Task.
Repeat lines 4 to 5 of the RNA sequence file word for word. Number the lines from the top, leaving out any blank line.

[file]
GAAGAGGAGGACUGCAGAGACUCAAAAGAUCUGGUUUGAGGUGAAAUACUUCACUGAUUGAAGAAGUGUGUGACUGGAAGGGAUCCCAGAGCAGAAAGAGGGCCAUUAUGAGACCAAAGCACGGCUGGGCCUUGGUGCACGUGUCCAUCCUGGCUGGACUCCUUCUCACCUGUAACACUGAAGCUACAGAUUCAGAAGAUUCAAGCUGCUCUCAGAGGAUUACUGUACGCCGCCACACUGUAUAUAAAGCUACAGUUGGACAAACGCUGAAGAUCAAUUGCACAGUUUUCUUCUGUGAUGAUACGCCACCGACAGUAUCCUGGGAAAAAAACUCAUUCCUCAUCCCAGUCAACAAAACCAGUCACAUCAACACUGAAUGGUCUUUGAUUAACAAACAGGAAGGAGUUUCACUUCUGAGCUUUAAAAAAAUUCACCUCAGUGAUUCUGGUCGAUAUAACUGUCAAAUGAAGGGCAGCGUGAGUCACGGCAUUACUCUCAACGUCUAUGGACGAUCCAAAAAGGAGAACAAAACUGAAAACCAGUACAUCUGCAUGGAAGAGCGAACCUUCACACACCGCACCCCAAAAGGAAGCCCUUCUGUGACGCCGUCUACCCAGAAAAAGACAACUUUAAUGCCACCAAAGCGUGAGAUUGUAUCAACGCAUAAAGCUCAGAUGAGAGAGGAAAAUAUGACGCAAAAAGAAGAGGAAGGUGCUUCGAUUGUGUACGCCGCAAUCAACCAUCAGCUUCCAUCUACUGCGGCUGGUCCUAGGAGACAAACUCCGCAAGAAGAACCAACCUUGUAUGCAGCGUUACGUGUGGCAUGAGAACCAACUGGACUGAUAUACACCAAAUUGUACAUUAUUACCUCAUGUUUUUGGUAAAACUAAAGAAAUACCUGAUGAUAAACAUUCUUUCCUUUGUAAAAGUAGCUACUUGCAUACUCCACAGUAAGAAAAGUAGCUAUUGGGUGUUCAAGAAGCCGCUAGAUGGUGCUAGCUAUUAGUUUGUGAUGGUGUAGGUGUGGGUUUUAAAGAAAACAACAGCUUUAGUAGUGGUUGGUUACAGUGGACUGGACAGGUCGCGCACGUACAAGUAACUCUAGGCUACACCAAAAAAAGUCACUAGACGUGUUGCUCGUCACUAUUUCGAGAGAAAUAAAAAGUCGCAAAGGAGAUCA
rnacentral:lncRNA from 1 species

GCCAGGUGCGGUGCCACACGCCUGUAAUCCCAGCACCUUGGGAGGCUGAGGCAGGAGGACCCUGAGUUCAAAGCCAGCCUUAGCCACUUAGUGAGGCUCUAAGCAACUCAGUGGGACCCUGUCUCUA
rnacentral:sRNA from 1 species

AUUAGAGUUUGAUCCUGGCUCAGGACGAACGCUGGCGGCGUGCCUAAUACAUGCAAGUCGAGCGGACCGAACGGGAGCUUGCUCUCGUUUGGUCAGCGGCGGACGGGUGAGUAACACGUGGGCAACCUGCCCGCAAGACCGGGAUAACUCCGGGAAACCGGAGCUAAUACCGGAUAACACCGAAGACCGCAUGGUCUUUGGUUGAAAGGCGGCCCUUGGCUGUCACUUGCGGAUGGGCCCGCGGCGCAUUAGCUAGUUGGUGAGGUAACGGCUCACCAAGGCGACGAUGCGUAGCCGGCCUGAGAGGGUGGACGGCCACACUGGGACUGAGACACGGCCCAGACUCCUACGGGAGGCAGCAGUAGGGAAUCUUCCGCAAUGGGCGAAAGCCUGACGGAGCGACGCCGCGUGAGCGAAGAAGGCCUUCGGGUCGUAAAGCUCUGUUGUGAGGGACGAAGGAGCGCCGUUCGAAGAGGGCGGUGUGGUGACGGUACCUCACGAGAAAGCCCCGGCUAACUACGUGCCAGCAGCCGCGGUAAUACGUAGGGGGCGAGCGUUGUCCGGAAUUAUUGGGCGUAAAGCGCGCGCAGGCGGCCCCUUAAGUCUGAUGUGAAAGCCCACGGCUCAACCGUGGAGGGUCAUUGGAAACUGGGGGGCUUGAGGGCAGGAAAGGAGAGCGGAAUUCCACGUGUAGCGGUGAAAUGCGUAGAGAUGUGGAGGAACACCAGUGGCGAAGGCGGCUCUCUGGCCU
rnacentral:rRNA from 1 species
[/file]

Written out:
rnacentral:sRNA from 1 species

AUUAGAGUUUGAUCCUGGCUCAGGACGAACGCUGGCGGCGUGCCUAAUACAUGCAAGUCGAGCGGACCGAACGGGAGCUUGCUCUCGUUUGGUCAGCGGCGGACGGGUGAGUAACACGUGGGCAACCUGCCCGCAAGACCGGGAUAACUCCGGGAAACCGGAGCUAAUACCGGAUAACACCGAAGACCGCAUGGUCUUUGGUUGAAAGGCGGCCCUUGGCUGUCACUUGCGGAUGGGCCCGCGGCGCAUUAGCUAGUUGGUGAGGUAACGGCUCACCAAGGCGACGAUGCGUAGCCGGCCUGAGAGGGUGGACGGCCACACUGGGACUGAGACACGGCCCAGACUCCUACGGGAGGCAGCAGUAGGGAAUCUUCCGCAAUGGGCGAAAGCCUGACGGAGCGACGCCGCGUGAGCGAAGAAGGCCUUCGGGUCGUAAAGCUCUGUUGUGAGGGACGAAGGAGCGCCGUUCGAAGAGGGCGGUGUGGUGACGGUACCUCACGAGAAAGCCCCGGCUAACUACGUGCCAGCAGCCGCGGUAAUACGUAGGGGGCGAGCGUUGUCCGGAAUUAUUGGGCGUAAAGCGCGCGCAGGCGGCCCCUUAAGUCUGAUGUGAAAGCCCACGGCUCAACCGUGGAGGGUCAUUGGAAACUGGGGGGCUUGAGGGCAGGAAAGGAGAGCGGAAUUCCACGUGUAGCGGUGAAAUGCGUAGAGAUGUGGAGGAACACCAGUGGCGAAGGCGGCUCUCUGGCCU